Abela also voiced his support for the U.S. Supreme Court’s decision in the Hobby Lobby case. Smarter people than me hold the same position. But, I would think that it would occur to the assembled Catholic businessmen and business scholars that metaphors work both ways. The irreducible and inviolable dignity of the human person is the cornerstone of all Catholic ethics. Making the case that a corporation shares in that personhood certainly muddies the waters. Are those who file for bankruptcy to be charged with murder? Indeed, the whole purpose of forming a corporation is to avoid personal liability, yet under the logic of Hobby Lobby, corporations are entitled to all the rights of personhood without any of the corresponding responsibilities. The linkage of rights with responsibilities is one of Catholic Social Teaching’s cardinal contributions to the development of human rights theory, and one of its best, unless one actually holds to a more libertarian understanding of rights. Such complications were not addressed by Dean Abela.

Nor, as mentioned before, was I able to raise such complications. Nor was anyone else able to raise their probably different complications. The identity of a Catholic university must respect both words, Catholic and university. As one of the participants said during last week’s conference, the proceedings were less academic than catechetical. Now, I am a big fan of catechesis. Last week’s conference would have been wonderful as a presentation in a parish in Silicon Valley or Greenwich, Connecticut, to a group of parishioners many of whom are titans of the business world. But, the failure to permit questions after the presentations and the lack of panel discussions both crippled the value of the conference as an academic exercise.

Furthermore, if the CUA School of Business and Economics really aspires to be “the pope’s business school,” you would think that the conference might have focused on some of the issues Pope Francis raised in Evangelii Gaudium. I was not present for all the talks, but I did not hear anyone wrestle with the Holy Father’s most succinct and emphatic observation about modern economics: “This economy kills.” The problem is not that I come at these issues with different intellectual prejudices from those of Dean Abela and his colleagues. Those different prejudices are the stuff of intellectual engagement. The problem is that the real challenges were not engaged at all. I support efforts to help businesspeople see their lives in vocational ways, and in specifically Catholic terms. But, if the virtue which all the participants agreed was necessary is always privatized and personal and extrinsic, we miss the full demands of Catholic Social Teaching. We must insist not only on the private path of personal virtue, but on “the institutional path – we might call it the political path – of charity, no less excellent and effective that the kind of charity which encounters the neighbor directly.” That is not my bias or prejudice. That quotes is from Pope Benedict XVI’s encyclical Caritas in Veritate, # 7.  That quote went unmentioned in the presentations I listened to. I hope it came up at the cigar receptions.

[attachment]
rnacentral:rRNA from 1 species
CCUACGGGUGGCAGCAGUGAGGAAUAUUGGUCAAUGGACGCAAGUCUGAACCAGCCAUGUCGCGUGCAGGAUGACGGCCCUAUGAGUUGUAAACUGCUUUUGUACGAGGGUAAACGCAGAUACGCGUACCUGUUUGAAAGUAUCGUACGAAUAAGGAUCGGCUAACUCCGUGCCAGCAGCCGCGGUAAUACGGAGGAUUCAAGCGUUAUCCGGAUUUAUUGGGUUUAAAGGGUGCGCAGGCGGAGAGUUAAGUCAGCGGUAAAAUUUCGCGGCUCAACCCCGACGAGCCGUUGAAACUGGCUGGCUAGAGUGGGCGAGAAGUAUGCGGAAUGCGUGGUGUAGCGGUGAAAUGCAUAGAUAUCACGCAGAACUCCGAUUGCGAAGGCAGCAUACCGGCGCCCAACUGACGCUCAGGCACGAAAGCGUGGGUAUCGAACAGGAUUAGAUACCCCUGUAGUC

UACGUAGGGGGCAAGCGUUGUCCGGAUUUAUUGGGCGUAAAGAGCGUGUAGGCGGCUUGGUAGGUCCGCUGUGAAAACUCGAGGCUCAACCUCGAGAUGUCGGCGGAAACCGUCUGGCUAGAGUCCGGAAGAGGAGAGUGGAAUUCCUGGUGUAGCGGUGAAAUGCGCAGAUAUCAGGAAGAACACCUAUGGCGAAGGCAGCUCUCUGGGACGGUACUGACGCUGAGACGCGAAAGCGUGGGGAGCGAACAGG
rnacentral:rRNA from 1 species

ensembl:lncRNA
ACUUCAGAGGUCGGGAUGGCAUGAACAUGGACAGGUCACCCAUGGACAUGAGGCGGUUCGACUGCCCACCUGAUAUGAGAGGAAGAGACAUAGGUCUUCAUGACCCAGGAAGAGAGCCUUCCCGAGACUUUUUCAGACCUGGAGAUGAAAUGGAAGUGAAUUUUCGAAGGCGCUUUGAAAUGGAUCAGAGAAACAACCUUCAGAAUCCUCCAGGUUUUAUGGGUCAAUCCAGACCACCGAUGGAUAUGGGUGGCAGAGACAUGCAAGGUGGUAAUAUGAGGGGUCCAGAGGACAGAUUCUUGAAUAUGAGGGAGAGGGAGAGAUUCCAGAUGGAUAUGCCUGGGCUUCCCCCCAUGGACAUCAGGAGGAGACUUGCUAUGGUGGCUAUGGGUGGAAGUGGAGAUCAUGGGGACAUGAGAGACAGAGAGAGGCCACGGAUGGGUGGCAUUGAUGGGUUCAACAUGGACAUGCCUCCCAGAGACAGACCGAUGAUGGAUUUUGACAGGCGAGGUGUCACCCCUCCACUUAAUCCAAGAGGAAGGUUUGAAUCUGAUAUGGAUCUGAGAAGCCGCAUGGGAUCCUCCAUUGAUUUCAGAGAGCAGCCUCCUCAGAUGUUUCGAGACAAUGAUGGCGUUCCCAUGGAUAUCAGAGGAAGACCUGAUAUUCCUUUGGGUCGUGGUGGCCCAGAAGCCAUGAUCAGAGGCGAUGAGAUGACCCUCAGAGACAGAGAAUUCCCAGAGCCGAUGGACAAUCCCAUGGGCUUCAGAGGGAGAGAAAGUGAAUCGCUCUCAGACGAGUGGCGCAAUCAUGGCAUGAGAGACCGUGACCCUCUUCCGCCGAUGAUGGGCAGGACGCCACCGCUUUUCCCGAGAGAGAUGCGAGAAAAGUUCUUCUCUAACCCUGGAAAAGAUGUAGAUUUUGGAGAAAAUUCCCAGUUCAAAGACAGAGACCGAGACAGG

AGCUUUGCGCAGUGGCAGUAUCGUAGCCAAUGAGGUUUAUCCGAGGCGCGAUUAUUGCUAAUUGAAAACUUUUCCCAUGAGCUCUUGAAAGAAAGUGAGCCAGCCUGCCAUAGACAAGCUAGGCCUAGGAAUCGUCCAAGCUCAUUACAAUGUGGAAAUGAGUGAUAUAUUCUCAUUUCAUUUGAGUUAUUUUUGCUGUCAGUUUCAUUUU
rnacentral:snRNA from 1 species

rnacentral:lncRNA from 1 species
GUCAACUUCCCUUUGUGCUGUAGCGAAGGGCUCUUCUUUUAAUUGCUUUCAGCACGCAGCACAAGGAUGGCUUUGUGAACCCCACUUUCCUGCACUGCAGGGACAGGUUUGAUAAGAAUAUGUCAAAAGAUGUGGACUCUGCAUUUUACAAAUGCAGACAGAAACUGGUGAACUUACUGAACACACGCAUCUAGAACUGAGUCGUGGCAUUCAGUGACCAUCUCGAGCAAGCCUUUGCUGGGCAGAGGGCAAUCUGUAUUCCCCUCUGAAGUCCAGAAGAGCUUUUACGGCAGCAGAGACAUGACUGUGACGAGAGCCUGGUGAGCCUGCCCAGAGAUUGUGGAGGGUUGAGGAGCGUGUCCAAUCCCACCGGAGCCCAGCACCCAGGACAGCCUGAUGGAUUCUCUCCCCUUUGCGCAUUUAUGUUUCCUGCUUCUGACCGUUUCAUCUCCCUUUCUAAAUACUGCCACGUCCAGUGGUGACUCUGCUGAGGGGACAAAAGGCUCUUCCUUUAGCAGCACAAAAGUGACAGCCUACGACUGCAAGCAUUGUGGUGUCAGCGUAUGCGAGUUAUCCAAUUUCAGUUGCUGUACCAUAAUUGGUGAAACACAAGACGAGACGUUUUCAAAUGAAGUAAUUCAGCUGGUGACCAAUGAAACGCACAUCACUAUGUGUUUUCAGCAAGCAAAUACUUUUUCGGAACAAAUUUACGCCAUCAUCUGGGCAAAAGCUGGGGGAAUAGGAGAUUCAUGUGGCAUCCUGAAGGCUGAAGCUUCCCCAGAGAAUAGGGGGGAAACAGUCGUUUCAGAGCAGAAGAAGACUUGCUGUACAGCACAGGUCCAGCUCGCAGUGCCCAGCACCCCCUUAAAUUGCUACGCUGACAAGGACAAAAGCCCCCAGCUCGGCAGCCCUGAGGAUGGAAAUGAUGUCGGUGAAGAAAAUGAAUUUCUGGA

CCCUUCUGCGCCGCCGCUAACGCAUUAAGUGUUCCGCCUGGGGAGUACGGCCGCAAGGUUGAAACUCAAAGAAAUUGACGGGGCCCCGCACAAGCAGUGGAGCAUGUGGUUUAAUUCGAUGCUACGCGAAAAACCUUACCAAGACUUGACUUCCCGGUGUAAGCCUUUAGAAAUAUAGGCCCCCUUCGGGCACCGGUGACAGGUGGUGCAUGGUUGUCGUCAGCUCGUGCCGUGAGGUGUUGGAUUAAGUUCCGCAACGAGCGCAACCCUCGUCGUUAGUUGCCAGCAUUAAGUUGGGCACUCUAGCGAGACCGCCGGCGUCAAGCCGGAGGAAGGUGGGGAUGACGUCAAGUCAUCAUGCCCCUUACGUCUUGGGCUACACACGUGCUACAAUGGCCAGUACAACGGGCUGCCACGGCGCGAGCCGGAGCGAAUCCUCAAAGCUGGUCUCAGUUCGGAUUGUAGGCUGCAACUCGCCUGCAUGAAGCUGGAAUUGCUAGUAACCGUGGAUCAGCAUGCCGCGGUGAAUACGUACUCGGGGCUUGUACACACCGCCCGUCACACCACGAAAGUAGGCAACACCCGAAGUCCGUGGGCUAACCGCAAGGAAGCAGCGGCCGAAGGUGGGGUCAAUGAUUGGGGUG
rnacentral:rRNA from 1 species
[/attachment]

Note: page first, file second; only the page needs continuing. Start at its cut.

The CUA School of Business and Economics is still young and the verdict is still out. I hope that its professors and future conferences will truly engage the breadth and depth of the Catholic intellectual tradition, but this premiere event failed to do so. The failure is not terminal but it is worrisome and it should be watched. Certainly, anyone who cares about Catholic Social Teaching should be watching. In the meantime, I will stick with Pope Francis’ bracing critiques rather than what “the pope’s business school” served up last week.